Back in January, i blogged about a chart from emarketer about the 9 main benefits of social media marketing. But let me be clear. That chart applies more often to bigger companies. A lot of the benefits listed aren’t relevant to small businesses because they don’t have enough people “liking” their Facebook page. Because of this, “monitoring what is being said about your company”, “improving customer service”, “resolving problems” and a few others don’t apply.

Now, there’s lots of companies selling $1,000 a month and $500 a month “social media marketing” packages. In my humble opinion, they’re selling snake oil. As of right now, there’s a general consensus in the industry that there’s no evidence suggesting companies are profiting off large social media investments. They’re still working on it and making progress, but we’re not there yet. And most people who will tell you different and that small businesses are making money off of spending thousands of dollars off Facebook, are probably the same people selling these social media services.

At Customwave, we do have a social media marketing package. We keep it simple, provide the basics and do only what we know works for sure. We charge $25 a month for it.

There’s 2 main ways small businesses indisputably benefit off of Facebook. We post regularly on our clients Facebook pages with relevant content. For people who have never heard of your company before and they find your Facebook page, our clients will look like experts and authorities in their industry. This is the type of thing that convinces people to actually go through and do the job with you after they find your phone #.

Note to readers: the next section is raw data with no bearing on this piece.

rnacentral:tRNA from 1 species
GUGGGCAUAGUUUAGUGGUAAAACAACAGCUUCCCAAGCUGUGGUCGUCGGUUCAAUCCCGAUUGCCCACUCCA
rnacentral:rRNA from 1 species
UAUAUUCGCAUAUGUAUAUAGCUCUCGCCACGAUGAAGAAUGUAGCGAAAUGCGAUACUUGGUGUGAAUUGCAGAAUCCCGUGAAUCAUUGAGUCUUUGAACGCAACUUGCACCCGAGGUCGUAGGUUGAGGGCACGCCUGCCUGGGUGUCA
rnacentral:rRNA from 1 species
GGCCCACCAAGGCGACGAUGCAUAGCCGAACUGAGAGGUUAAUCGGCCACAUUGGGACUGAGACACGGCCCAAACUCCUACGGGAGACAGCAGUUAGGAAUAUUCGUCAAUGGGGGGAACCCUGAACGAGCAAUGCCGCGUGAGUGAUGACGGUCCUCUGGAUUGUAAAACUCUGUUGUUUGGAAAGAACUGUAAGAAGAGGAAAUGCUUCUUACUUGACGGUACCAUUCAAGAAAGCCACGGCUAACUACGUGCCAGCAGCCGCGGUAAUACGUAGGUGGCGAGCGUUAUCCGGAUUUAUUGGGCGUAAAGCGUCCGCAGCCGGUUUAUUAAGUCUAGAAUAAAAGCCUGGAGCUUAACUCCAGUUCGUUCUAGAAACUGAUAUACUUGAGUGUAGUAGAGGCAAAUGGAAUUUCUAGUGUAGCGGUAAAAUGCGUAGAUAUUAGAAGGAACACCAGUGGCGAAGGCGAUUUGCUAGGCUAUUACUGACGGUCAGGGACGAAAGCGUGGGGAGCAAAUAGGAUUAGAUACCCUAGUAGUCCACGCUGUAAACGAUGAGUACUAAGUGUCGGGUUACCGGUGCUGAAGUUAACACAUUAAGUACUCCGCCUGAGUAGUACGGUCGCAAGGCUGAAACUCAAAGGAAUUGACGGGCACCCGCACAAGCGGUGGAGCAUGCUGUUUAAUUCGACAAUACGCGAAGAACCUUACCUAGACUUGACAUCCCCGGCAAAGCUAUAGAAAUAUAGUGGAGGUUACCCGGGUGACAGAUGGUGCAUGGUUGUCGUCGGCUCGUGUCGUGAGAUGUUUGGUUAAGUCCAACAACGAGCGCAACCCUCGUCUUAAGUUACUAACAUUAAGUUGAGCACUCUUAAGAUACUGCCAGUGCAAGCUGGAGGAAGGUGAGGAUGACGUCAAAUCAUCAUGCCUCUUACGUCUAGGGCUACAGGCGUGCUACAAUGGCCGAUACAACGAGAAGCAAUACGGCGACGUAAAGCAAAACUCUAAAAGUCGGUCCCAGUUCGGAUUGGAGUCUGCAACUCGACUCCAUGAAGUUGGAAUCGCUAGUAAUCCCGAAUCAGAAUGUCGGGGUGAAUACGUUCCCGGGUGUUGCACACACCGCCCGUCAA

The second main way Facebook benefits will have to do with how many people “like” your Facebook page. The more, the better. Because once someone “likes” your Facebook page and we post content, the content will land in their “news feed”. It’s very similar to email marketing, except in my opinion better because most people these days spend more time on Facebook than their email. This is how small businesses can generate referrals off Facebook.

These are two sure-fire ways that small businesses benefit from Facebook. Everything else at this point on Facebook is theory and experiment.

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Your Leads Are Worthless Without Doing The Following

So, for local small businesses, it’s all about getting phone calls, right? Usually. Most of the time. But not always. Generating sales leads is phenomenal. It’s absolutely a good thing. But what happens if these calls don’t translate into the client increasing their sales? The answer: the calls are worthless. The client looks for other marketing options. So how can you make it likely your leads will be of good quality?

Your Online Reputation Is Most Important